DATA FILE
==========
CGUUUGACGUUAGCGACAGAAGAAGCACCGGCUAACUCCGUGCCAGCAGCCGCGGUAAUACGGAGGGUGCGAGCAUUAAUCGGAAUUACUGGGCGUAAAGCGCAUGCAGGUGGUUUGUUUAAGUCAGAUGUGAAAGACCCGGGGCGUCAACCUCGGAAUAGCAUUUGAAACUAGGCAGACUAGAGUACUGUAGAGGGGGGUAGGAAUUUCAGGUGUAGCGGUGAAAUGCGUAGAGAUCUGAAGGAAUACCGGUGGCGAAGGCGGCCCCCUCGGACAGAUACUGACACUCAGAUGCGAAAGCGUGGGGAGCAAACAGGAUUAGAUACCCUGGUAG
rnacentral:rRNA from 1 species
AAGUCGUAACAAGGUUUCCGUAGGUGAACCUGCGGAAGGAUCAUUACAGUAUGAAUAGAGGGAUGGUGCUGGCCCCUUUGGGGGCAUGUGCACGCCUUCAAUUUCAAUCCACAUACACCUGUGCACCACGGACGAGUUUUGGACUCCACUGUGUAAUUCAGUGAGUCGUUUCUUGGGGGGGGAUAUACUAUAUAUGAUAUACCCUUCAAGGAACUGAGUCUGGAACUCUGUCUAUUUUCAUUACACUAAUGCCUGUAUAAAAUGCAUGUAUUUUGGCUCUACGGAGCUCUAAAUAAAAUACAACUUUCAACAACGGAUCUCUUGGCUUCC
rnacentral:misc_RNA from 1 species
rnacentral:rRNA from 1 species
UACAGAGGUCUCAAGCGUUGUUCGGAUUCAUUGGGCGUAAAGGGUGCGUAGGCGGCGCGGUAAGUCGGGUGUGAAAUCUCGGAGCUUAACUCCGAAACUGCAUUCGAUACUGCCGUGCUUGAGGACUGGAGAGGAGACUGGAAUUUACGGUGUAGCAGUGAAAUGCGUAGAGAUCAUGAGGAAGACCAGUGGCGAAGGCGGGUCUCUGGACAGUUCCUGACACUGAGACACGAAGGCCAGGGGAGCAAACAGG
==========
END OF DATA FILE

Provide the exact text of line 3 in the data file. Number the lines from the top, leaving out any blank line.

AAGUCGUAACAAGGUUUCCGUAGGUGAACCUGCGGAAGGAUCAUUACAGUAUGAAUAGAGGGAUGGUGCUGGCCCCUUUGGGGGCAUGUGCACGCCUUCAAUUUCAAUCCACAUACACCUGUGCACCACGGACGAGUUUUGGACUCCACUGUGUAAUUCAGUGAGUCGUUUCUUGGGGGGGGAUAUACUAUAUAUGAUAUACCCUUCAAGGAACUGAGUCUGGAACUCUGUCUAUUUUCAUUACACUAAUGCCUGUAUAAAAUGCAUGUAUUUUGGCUCUACGGAGCUCUAAAUAAAAUACAACUUUCAACAACGGAUCUCUUGGCUUCC